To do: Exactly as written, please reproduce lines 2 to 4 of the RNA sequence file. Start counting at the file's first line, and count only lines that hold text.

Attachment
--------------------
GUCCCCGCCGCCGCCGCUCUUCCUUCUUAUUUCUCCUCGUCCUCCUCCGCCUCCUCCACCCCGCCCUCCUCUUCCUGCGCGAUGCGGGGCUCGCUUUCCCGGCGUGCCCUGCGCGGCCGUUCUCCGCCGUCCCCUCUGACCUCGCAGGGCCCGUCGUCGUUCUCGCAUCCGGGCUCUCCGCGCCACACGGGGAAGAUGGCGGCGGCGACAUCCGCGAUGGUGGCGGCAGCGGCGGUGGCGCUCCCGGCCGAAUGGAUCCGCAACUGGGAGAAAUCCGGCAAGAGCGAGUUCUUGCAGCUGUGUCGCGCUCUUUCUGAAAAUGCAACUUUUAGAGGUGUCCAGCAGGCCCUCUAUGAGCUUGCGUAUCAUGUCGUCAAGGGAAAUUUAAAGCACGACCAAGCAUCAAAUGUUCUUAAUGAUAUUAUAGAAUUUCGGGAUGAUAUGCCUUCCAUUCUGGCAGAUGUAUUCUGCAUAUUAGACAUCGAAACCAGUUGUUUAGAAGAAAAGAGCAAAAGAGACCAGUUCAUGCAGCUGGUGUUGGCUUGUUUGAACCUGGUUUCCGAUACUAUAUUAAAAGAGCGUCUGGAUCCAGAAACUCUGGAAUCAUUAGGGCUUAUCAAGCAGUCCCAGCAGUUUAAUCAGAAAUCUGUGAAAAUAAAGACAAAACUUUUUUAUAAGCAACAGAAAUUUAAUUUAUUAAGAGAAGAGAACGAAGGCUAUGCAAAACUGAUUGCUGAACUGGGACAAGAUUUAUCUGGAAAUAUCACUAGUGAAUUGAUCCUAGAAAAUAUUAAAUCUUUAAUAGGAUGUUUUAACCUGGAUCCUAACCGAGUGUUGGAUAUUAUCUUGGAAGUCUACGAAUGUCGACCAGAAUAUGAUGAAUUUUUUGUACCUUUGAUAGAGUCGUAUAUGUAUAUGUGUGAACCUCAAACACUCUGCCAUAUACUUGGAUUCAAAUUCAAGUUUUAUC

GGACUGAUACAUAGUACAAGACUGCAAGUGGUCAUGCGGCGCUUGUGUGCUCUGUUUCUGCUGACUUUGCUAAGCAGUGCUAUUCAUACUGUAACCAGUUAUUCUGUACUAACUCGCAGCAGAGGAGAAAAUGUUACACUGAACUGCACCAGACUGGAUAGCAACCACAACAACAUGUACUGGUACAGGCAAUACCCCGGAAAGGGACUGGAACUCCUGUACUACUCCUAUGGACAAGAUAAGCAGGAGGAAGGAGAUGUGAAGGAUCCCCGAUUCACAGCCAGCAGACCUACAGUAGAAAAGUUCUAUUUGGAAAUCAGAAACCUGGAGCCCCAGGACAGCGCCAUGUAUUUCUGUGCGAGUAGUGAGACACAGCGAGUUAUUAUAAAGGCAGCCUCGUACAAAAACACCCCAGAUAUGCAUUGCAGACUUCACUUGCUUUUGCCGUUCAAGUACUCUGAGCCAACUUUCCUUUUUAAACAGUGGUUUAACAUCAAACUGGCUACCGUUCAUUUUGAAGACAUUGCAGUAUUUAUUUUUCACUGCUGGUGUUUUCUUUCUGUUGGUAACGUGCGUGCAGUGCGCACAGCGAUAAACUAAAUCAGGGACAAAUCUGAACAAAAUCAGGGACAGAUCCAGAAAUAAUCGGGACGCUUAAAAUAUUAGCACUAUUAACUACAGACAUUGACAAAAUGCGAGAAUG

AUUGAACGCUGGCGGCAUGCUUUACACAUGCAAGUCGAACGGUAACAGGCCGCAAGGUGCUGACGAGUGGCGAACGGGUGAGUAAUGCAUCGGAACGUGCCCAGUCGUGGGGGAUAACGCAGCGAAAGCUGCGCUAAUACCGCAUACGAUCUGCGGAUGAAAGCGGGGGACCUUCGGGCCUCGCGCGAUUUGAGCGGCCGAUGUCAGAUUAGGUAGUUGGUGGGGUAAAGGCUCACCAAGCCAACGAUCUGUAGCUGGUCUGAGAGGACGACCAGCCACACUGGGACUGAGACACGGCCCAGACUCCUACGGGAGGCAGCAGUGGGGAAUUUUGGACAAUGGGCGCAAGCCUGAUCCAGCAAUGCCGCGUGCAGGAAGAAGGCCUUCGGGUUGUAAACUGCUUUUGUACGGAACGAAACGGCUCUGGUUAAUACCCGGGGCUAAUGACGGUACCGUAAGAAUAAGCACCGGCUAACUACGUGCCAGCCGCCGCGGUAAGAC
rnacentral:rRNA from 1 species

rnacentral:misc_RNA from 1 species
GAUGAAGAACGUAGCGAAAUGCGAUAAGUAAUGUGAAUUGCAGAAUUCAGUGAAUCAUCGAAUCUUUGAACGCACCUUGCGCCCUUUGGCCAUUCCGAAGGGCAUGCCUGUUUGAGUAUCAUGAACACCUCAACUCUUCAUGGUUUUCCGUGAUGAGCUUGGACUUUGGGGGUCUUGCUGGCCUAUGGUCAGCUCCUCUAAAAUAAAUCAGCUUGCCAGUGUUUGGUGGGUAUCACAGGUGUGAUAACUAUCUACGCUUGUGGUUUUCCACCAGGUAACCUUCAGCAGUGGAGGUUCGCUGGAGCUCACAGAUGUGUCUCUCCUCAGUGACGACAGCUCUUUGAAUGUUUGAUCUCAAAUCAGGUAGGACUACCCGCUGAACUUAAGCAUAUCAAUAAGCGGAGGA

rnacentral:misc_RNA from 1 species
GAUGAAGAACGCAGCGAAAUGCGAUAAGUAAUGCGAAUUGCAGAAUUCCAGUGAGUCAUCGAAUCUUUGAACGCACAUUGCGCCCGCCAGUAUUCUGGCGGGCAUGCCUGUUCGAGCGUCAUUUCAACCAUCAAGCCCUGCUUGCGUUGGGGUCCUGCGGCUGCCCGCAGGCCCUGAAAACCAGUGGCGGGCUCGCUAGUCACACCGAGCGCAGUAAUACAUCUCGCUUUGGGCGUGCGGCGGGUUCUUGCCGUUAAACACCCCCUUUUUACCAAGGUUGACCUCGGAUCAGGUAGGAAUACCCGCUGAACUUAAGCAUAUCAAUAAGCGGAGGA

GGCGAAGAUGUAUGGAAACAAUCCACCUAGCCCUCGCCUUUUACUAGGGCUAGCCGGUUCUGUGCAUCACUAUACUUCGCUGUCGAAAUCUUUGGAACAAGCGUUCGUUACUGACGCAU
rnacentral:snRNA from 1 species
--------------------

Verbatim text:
GGACUGAUACAUAGUACAAGACUGCAAGUGGUCAUGCGGCGCUUGUGUGCUCUGUUUCUGCUGACUUUGCUAAGCAGUGCUAUUCAUACUGUAACCAGUUAUUCUGUACUAACUCGCAGCAGAGGAGAAAAUGUUACACUGAACUGCACCAGACUGGAUAGCAACCACAACAACAUGUACUGGUACAGGCAAUACCCCGGAAAGGGACUGGAACUCCUGUACUACUCCUAUGGACAAGAUAAGCAGGAGGAAGGAGAUGUGAAGGAUCCCCGAUUCACAGCCAGCAGACCUACAGUAGAAAAGUUCUAUUUGGAAAUCAGAAACCUGGAGCCCCAGGACAGCGCCAUGUAUUUCUGUGCGAGUAGUGAGACACAGCGAGUUAUUAUAAAGGCAGCCUCGUACAAAAACACCCCAGAUAUGCAUUGCAGACUUCACUUGCUUUUGCCGUUCAAGUACUCUGAGCCAACUUUCCUUUUUAAACAGUGGUUUAACAUCAAACUGGCUACCGUUCAUUUUGAAGACAUUGCAGUAUUUAUUUUUCACUGCUGGUGUUUUCUUUCUGUUGGUAACGUGCGUGCAGUGCGCACAGCGAUAAACUAAAUCAGGGACAAAUCUGAACAAAAUCAGGGACAGAUCCAGAAAUAAUCGGGACGCUUAAAAUAUUAGCACUAUUAACUACAGACAUUGACAAAAUGCGAGAAUG

AUUGAACGCUGGCGGCAUGCUUUACACAUGCAAGUCGAACGGUAACAGGCCGCAAGGUGCUGACGAGUGGCGAACGGGUGAGUAAUGCAUCGGAACGUGCCCAGUCGUGGGGGAUAACGCAGCGAAAGCUGCGCUAAUACCGCAUACGAUCUGCGGAUGAAAGCGGGGGACCUUCGGGCCUCGCGCGAUUUGAGCGGCCGAUGUCAGAUUAGGUAGUUGGUGGGGUAAAGGCUCACCAAGCCAACGAUCUGUAGCUGGUCUGAGAGGACGACCAGCCACACUGGGACUGAGACACGGCCCAGACUCCUACGGGAGGCAGCAGUGGGGAAUUUUGGACAAUGGGCGCAAGCCUGAUCCAGCAAUGCCGCGUGCAGGAAGAAGGCCUUCGGGUUGUAAACUGCUUUUGUACGGAACGAAACGGCUCUGGUUAAUACCCGGGGCUAAUGACGGUACCGUAAGAAUAAGCACCGGCUAACUACGUGCCAGCCGCCGCGGUAAGAC
rnacentral:rRNA from 1 species